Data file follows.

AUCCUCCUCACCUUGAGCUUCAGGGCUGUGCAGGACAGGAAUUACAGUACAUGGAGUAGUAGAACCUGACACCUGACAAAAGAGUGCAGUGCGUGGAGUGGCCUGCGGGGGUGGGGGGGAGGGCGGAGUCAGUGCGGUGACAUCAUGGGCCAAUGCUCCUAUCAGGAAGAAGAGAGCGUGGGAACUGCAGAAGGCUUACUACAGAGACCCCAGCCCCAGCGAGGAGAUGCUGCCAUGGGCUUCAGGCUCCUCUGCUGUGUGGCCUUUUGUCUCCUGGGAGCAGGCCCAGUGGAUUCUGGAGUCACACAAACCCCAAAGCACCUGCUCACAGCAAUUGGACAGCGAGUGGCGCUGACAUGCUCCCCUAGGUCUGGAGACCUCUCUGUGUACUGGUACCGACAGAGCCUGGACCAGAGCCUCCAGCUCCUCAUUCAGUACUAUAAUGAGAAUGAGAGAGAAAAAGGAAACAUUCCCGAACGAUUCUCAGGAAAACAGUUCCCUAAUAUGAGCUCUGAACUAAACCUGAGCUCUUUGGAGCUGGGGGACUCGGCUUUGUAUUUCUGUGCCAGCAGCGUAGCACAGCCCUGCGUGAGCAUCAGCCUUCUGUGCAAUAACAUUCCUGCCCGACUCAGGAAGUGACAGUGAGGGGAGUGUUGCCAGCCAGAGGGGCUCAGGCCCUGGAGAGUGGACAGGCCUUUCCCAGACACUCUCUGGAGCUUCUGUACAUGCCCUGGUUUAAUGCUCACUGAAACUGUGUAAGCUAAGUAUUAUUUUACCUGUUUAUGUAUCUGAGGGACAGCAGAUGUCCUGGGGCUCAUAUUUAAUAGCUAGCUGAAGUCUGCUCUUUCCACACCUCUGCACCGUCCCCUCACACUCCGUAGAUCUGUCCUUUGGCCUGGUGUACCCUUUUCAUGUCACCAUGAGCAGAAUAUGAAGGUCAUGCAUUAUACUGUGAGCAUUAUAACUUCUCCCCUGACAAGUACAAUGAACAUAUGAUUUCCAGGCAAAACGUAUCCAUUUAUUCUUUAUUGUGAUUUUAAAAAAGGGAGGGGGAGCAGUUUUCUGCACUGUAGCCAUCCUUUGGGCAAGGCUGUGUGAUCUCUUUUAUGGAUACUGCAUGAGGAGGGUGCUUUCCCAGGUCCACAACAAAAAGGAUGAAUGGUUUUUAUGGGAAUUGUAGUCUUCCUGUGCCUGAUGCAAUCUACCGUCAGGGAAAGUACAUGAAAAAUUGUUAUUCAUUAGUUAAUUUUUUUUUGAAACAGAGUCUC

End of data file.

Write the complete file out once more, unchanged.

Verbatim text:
AUCCUCCUCACCUUGAGCUUCAGGGCUGUGCAGGACAGGAAUUACAGUACAUGGAGUAGUAGAACCUGACACCUGACAAAAGAGUGCAGUGCGUGGAGUGGCCUGCGGGGGUGGGGGGGAGGGCGGAGUCAGUGCGGUGACAUCAUGGGCCAAUGCUCCUAUCAGGAAGAAGAGAGCGUGGGAACUGCAGAAGGCUUACUACAGAGACCCCAGCCCCAGCGAGGAGAUGCUGCCAUGGGCUUCAGGCUCCUCUGCUGUGUGGCCUUUUGUCUCCUGGGAGCAGGCCCAGUGGAUUCUGGAGUCACACAAACCCCAAAGCACCUGCUCACAGCAAUUGGACAGCGAGUGGCGCUGACAUGCUCCCCUAGGUCUGGAGACCUCUCUGUGUACUGGUACCGACAGAGCCUGGACCAGAGCCUCCAGCUCCUCAUUCAGUACUAUAAUGAGAAUGAGAGAGAAAAAGGAAACAUUCCCGAACGAUUCUCAGGAAAACAGUUCCCUAAUAUGAGCUCUGAACUAAACCUGAGCUCUUUGGAGCUGGGGGACUCGGCUUUGUAUUUCUGUGCCAGCAGCGUAGCACAGCCCUGCGUGAGCAUCAGCCUUCUGUGCAAUAACAUUCCUGCCCGACUCAGGAAGUGACAGUGAGGGGAGUGUUGCCAGCCAGAGGGGCUCAGGCCCUGGAGAGUGGACAGGCCUUUCCCAGACACUCUCUGGAGCUUCUGUACAUGCCCUGGUUUAAUGCUCACUGAAACUGUGUAAGCUAAGUAUUAUUUUACCUGUUUAUGUAUCUGAGGGACAGCAGAUGUCCUGGGGCUCAUAUUUAAUAGCUAGCUGAAGUCUGCUCUUUCCACACCUCUGCACCGUCCCCUCACACUCCGUAGAUCUGUCCUUUGGCCUGGUGUACCCUUUUCAUGUCACCAUGAGCAGAAUAUGAAGGUCAUGCAUUAUACUGUGAGCAUUAUAACUUCUCCCCUGACAAGUACAAUGAACAUAUGAUUUCCAGGCAAAACGUAUCCAUUUAUUCUUUAUUGUGAUUUUAAAAAAGGGAGGGGGAGCAGUUUUCUGCACUGUAGCCAUCCUUUGGGCAAGGCUGUGUGAUCUCUUUUAUGGAUACUGCAUGAGGAGGGUGCUUUCCCAGGUCCACAACAAAAAGGAUGAAUGGUUUUUAUGGGAAUUGUAGUCUUCCUGUGCCUGAUGCAAUCUACCGUCAGGGAAAGUACAUGAAAAAUUGUUAUUCAUUAGUUAAUUUUUUUUUGAAACAGAGUCUC